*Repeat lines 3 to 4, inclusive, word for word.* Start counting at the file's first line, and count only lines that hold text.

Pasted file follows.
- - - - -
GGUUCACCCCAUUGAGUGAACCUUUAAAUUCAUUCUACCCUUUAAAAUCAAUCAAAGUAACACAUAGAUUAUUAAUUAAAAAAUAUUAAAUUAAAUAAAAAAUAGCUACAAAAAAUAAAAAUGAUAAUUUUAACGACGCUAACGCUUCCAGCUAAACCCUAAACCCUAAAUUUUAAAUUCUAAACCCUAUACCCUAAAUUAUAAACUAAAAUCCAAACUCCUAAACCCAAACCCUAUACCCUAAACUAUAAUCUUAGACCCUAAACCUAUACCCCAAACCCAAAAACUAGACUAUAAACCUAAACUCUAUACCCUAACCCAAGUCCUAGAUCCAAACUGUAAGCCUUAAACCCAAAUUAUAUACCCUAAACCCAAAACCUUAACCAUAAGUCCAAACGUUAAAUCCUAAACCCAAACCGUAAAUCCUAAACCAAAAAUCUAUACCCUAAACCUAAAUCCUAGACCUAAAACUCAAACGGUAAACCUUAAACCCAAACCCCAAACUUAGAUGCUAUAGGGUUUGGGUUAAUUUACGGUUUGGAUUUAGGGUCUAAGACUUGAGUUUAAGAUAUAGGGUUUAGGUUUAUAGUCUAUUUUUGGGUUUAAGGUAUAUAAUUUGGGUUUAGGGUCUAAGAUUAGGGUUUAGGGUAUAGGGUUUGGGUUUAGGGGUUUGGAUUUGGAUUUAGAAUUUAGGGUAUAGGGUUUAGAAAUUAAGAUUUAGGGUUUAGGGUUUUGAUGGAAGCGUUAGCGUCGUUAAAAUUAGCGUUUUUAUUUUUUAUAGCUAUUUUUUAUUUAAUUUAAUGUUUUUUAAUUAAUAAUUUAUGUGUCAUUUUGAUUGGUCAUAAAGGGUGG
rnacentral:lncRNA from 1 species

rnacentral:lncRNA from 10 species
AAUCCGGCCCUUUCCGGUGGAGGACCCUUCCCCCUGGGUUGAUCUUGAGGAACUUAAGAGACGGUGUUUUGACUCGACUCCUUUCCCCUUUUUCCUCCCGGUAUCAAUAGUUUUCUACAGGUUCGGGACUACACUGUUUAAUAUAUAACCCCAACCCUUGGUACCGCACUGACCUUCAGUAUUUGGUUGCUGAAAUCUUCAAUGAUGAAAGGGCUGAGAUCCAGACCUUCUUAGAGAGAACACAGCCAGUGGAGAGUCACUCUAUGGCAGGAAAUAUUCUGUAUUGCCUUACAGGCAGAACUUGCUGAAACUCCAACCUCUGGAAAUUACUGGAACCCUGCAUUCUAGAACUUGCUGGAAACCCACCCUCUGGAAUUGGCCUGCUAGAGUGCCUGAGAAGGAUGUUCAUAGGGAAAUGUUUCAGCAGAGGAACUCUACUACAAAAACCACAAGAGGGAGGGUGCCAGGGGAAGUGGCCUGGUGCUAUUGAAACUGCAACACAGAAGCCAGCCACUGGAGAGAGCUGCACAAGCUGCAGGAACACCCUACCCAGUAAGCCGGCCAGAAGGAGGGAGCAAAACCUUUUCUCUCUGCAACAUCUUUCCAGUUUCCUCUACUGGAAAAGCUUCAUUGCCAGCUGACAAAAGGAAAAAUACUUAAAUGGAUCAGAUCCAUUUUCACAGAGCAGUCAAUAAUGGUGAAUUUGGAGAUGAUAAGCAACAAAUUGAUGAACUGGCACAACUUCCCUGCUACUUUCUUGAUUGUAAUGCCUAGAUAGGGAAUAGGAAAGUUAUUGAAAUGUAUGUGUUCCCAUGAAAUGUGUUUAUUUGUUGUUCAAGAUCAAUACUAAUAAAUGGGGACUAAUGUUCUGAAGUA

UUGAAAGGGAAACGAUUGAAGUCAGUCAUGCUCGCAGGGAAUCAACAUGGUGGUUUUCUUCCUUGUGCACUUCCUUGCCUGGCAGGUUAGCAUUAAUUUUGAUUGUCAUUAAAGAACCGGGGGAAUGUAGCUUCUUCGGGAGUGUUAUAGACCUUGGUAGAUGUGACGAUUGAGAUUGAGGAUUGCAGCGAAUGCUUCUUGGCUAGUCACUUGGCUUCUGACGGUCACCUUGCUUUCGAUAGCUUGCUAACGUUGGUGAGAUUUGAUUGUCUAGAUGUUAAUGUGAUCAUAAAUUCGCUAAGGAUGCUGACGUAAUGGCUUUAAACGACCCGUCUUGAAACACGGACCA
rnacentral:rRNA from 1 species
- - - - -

rnacentral:lncRNA from 10 species
AAUCCGGCCCUUUCCGGUGGAGGACCCUUCCCCCUGGGUUGAUCUUGAGGAACUUAAGAGACGGUGUUUUGACUCGACUCCUUUCCCCUUUUUCCUCCCGGUAUCAAUAGUUUUCUACAGGUUCGGGACUACACUGUUUAAUAUAUAACCCCAACCCUUGGUACCGCACUGACCUUCAGUAUUUGGUUGCUGAAAUCUUCAAUGAUGAAAGGGCUGAGAUCCAGACCUUCUUAGAGAGAACACAGCCAGUGGAGAGUCACUCUAUGGCAGGAAAUAUUCUGUAUUGCCUUACAGGCAGAACUUGCUGAAACUCCAACCUCUGGAAAUUACUGGAACCCUGCAUUCUAGAACUUGCUGGAAACCCACCCUCUGGAAUUGGCCUGCUAGAGUGCCUGAGAAGGAUGUUCAUAGGGAAAUGUUUCAGCAGAGGAACUCUACUACAAAAACCACAAGAGGGAGGGUGCCAGGGGAAGUGGCCUGGUGCUAUUGAAACUGCAACACAGAAGCCAGCCACUGGAGAGAGCUGCACAAGCUGCAGGAACACCCUACCCAGUAAGCCGGCCAGAAGGAGGGAGCAAAACCUUUUCUCUCUGCAACAUCUUUCCAGUUUCCUCUACUGGAAAAGCUUCAUUGCCAGCUGACAAAAGGAAAAAUACUUAAAUGGAUCAGAUCCAUUUUCACAGAGCAGUCAAUAAUGGUGAAUUUGGAGAUGAUAAGCAACAAAUUGAUGAACUGGCACAACUUCCCUGCUACUUUCUUGAUUGUAAUGCCUAGAUAGGGAAUAGGAAAGUUAUUGAAAUGUAUGUGUUCCCAUGAAAUGUGUUUAUUUGUUGUUCAAGAUCAAUACUAAUAAAUGGGGACUAAUGUUCUGAAGUA